The maintenance unit of an employer operating in the railroad industry is waiting for budget approval to begin certain improvement work on its network. Friday morning, the maintenance manager is informed that management has approved the budgets. The maintenance manager informed 2 teams of non-unionized employees in writing that they would have to work night shifts. He also informed them that they would have to start the work the next day, Saturday evening. However, they exercise their right to refusal because this new schedule was not given 96 hours in advance, as set out in the Code. The employer claims this is a situation that could not reasonably have been foreseen. In this scenario, although the manager could not predict when the company would grant the budgets, the company's management made this decision. Therefore, the decision was made by the employer and the situation was foreseeable. The employer was obligated to provide the schedule in advance and the employees, in this case, can exercise their right of refusal.

Example 5

An employer can expect individual absences due to illness over the year. These situations are reasonably foreseeable. However, an employer cannot foresee an epidemic affecting a large number of its employees at the same time. This type of scenario of absence from work due to sickness is not reasonably foreseeable.

Example 6

An employer's key equipment suddenly fails, significantly affecting all its activities. However, despite repeated warnings, the employer had not properly maintained this equipment. He then alleges that this is a situation that he could not reasonably have foreseen. However, although the employer could not predict exactly when the equipment would fail, it was foreseeable that inadequate maintenance would lead to this result.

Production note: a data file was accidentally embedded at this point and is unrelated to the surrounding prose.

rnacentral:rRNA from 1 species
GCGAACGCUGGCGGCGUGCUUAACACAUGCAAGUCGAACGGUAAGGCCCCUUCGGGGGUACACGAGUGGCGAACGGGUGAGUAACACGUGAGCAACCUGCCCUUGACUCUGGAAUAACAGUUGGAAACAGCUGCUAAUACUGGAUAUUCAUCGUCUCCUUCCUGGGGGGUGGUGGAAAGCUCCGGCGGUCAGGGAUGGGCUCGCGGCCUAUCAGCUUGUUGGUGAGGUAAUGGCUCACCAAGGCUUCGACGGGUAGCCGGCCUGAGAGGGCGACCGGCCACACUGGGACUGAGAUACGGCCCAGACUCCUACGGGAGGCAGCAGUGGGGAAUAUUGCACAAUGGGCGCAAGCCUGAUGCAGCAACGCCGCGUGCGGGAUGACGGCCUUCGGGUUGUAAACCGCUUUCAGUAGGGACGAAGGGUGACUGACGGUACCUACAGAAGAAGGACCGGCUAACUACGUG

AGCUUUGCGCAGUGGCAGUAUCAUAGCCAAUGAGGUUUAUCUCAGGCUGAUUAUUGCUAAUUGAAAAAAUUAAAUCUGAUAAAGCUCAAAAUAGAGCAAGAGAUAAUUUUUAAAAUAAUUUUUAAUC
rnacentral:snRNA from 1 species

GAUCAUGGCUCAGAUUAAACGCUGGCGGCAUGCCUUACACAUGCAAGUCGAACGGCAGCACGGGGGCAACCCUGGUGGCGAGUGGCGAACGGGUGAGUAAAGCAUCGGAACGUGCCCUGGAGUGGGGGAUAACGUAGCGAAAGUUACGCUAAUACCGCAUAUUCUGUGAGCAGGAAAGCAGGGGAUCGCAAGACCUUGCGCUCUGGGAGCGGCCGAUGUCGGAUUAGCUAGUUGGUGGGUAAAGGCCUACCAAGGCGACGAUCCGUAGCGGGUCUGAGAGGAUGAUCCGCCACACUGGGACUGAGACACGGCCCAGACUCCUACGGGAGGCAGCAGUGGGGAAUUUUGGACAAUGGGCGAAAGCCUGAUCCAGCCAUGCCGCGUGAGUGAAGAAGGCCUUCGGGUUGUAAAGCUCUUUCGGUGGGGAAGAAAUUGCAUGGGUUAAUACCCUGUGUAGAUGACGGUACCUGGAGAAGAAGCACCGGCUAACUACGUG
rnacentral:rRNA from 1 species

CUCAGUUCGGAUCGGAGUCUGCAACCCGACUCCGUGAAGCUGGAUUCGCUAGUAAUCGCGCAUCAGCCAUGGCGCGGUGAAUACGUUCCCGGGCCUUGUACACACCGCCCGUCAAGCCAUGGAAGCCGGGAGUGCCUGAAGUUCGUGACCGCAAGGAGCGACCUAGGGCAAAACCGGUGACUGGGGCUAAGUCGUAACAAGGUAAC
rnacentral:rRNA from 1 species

Example 7

Strikes and lockouts are events that must be planned in advance. Therefore, they do not constitute situations that an employer cannot reasonably foresee. However, an illegal strike, initiated at the last minute, without any warning given to the employer, would meet this definition.

Example 8

Finally, situations of "force majeure" (acts of god) are among the most obvious examples. The very nature of these events makes them unforeseeable or impossible to anticipate in terms of the damage they can cause. No employer could foresee the magnitude of consequences resulting from an earthquake, hurricane or tornado. Such events are clearly unforeseeable.